Mobile Bodies, Mobile Technologies, and Immobile Mobility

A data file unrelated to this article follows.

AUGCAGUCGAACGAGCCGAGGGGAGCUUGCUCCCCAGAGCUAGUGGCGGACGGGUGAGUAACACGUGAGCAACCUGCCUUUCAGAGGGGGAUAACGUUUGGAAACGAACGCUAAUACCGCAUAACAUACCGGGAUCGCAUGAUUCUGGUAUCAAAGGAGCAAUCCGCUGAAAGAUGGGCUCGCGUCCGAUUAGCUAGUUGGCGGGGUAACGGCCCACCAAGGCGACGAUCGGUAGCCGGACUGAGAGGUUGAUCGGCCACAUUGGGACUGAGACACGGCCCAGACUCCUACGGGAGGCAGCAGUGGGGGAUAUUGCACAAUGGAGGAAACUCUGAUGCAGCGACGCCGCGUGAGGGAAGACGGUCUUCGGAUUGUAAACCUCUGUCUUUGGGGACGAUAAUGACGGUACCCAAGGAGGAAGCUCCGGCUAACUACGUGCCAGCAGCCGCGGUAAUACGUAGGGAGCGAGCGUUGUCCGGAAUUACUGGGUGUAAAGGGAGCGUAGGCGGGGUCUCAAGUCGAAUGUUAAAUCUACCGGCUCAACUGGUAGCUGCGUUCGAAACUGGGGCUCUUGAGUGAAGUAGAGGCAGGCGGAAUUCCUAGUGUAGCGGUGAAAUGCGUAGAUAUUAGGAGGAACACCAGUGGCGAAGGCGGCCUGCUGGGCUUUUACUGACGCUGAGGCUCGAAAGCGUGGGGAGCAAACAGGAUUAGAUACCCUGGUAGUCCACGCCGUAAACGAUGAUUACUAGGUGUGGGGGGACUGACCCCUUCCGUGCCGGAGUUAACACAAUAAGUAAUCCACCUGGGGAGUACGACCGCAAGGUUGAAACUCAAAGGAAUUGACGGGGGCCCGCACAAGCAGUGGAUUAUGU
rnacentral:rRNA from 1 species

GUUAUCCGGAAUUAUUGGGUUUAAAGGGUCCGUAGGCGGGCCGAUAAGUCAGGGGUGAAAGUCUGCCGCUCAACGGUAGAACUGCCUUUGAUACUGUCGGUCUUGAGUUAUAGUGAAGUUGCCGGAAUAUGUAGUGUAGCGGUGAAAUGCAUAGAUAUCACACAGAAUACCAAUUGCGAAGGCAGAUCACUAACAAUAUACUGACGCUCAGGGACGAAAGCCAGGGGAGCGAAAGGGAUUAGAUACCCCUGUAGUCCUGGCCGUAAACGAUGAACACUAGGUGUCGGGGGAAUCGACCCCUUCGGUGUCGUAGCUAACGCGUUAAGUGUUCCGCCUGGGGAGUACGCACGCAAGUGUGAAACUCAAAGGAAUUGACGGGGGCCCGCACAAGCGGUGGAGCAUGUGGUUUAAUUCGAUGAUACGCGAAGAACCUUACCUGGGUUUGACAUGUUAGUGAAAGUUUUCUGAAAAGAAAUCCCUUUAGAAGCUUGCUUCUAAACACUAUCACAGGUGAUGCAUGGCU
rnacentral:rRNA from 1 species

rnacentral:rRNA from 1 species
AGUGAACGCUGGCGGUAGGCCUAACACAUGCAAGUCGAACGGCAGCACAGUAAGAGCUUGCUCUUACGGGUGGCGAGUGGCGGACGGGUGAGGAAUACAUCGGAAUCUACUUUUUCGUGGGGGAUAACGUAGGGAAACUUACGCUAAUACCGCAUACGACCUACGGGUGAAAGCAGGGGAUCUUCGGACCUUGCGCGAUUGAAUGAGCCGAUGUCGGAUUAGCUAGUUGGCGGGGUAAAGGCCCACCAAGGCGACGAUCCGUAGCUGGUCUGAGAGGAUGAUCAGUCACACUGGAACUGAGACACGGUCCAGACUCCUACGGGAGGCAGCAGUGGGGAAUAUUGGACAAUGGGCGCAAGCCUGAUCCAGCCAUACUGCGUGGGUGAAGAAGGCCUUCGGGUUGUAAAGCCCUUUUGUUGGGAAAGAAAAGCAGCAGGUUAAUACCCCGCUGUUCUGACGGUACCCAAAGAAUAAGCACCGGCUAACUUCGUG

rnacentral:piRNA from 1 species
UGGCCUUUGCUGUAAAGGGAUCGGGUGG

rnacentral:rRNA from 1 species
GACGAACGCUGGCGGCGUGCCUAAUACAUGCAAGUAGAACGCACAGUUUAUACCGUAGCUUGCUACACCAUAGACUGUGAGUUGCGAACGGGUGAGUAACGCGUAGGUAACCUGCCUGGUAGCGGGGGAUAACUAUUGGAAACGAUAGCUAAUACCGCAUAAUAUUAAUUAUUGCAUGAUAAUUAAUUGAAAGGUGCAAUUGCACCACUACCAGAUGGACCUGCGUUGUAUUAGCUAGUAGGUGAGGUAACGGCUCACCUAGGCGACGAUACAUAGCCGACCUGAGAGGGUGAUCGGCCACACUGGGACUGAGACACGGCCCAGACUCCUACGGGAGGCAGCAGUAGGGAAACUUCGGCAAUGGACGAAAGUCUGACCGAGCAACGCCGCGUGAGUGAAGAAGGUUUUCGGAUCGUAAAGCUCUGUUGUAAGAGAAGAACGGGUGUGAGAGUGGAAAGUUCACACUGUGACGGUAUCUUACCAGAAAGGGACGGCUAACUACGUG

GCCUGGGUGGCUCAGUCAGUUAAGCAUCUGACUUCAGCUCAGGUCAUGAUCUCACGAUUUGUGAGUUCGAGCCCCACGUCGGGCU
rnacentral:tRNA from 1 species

This introductory chapter briefly discusses mobility—one physical and one virtual—in the lives of young rural-to-urban migrant women in China. It provides an ethnographic exploration of the cultural, social, aesthetic, and economic dimensions of mobile phone use by female migrants working in Beijing. Although mobile in the sense of migration from their home villages, their long work hours, rare time off, and confined social world caused them to be relatively immobile in the city. This immobility however was overcome in certain ways by their use of mobile phones for navigating social networks, enjoying forms of entertainment, participating in China's burgeoning consumer culture, and constructing a “modern” self. Drawing on critical/cultural and feminist theories of subjectivity, power, and technology, the chapter theorizes mobile communication and migrant women's becoming in the city, or how social constructions of gender-, class-, age-, and place-based identities produce particular engagements with mobile technologies.
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